Before the first drip of beer flows into a bottle, we need to hook everything up properly and make some adjustments.
- Measure the pressure of your KEG. My pressure gauge / manometer shows 1 Bar for atmospheric pressure. A 3.2Bar reading tells me therefore, that the KEG is sitting at 2.3Bar.
- Connect all lines going to and from the iTap X (CO2, Excess Beer/Foam out and Beer in).
- Place a vessel/ container at the end of the foam / excess beer tube.
- Set your CO2 Pressure slightly (0.1 – 0.2Bar) above KEG pressure.
The perfect bottleling process
After connecting all hoes, the process is as follows:
- Tighten the bottle into the iTapX using the spoon (turn clockwise).
- Open the valve on the right side.
- Press the red button in the front to fill the bottle with CO2. Don’t be frugal, remaining Oxygen (O2) in the bottle, will decrease your beers lifespan.
- Tilt the handle on top to fill the bottle with beer.
- Turn the throttle knob on the side to adjust the filling speed.
- After the bottle is filled, turn the top handle back to the upward position.
- Important: Fully open the throttle knob (counterclockwise) the equalize the bottle to atmospheric pressure. This step is often overlooked.
- Close the throttle by turning it clockwise to the end.
- Turn the spoon to release the beer bottle.
Compatible bottles for iTap X
The included clamp-lock for works long neck bottles and the like. In Germany, the 0.5 EU-bottle is very common. As the upper section of the bottle has the same shape, this works just fine. Boel also offer a whole bunch of other clamp locks to support other types of bottles.
One of the marketing claims of the Boel iTapX is to minimize your losses. To achieve minimal losses (aside from using the iTapX) the following thing might be worth to be pointed out: The lower the pressure in the KEG, the easier it is to bottle it. A beer with a given amount of CO2/l is lower pressure when it’s colder.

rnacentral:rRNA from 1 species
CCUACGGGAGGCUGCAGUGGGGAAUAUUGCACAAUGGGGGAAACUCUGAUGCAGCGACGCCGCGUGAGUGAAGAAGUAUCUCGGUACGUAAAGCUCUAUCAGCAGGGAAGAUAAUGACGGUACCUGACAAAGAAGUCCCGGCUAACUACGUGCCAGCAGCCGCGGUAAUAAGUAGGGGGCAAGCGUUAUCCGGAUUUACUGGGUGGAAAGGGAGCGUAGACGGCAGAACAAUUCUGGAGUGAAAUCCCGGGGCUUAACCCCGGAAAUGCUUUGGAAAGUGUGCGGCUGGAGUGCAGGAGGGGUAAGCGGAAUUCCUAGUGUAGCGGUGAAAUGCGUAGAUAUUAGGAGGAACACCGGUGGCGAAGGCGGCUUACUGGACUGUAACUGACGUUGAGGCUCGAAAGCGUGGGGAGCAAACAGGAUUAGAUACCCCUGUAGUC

For our experiment we bottled 10*0.3l + 2 * 0.5l = 4l (135.26Oz). The losses with a high pressure beer and low skills on my side totalled to 0.2l (6.76Oz). This equals to losses of 5%.
Any brewing equipment review should include cleaning. This is a piece of cake with the iTap X from Boel. The unit is very easy to disassemble (completely). But it’s even easier to to remove some outer parts and give it a little water. I usually just put water through all in- and output connections. Thanks to the IP68 rated mount I can just place everything in the sink!
Let’s conclude this review of the iTap X by Boel. In general: is a great helper. It really helps to minimize your bottleling losses. If you really mess up, you only loose 5% of your beer (in our case 0.2l of losses for bottleling 4l of beer). Also, the included bottle holder works for all common beer bottles in Germany (i.e., Longneck). The iTap X is really smooth in terms of handling and just joyfull to work with.
One improvements that I love to see in the next iteration: Having to turn the throttle knob all the way back and forth for every bottle is kind of anoying. It would be better to have a three way switch: Closed, throttled (which you can set once using the throttle knob) and open.
- Review of the TILT hydrometer.
- How to build a brewery control – easiest and cheapest way.
- How to build a brewing control with a Raspberry Pi.
Boel iTapX manual
For your reference, I’ve upload the iTapX manual on English. If any of my advice or usage contradicts the manual: please follow the manual!